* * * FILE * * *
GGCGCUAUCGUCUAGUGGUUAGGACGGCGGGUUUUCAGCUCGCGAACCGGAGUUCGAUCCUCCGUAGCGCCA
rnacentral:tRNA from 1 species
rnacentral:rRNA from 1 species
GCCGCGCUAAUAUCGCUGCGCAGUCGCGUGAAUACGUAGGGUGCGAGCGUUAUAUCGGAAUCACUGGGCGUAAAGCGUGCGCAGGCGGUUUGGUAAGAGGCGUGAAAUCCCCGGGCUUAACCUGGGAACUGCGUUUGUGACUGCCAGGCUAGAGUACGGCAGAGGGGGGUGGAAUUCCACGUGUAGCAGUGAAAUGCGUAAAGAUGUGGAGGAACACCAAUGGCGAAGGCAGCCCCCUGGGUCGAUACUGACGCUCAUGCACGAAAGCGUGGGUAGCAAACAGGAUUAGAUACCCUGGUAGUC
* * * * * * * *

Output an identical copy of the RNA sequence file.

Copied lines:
GGCGCUAUCGUCUAGUGGUUAGGACGGCGGGUUUUCAGCUCGCGAACCGGAGUUCGAUCCUCCGUAGCGCCA
rnacentral:tRNA from 1 species
rnacentral:rRNA from 1 species
GCCGCGCUAAUAUCGCUGCGCAGUCGCGUGAAUACGUAGGGUGCGAGCGUUAUAUCGGAAUCACUGGGCGUAAAGCGUGCGCAGGCGGUUUGGUAAGAGGCGUGAAAUCCCCGGGCUUAACCUGGGAACUGCGUUUGUGACUGCCAGGCUAGAGUACGGCAGAGGGGGGUGGAAUUCCACGUGUAGCAGUGAAAUGCGUAAAGAUGUGGAGGAACACCAAUGGCGAAGGCAGCCCCCUGGGUCGAUACUGACGCUCAUGCACGAAAGCGUGGGUAGCAAACAGGAUUAGAUACCCUGGUAGUC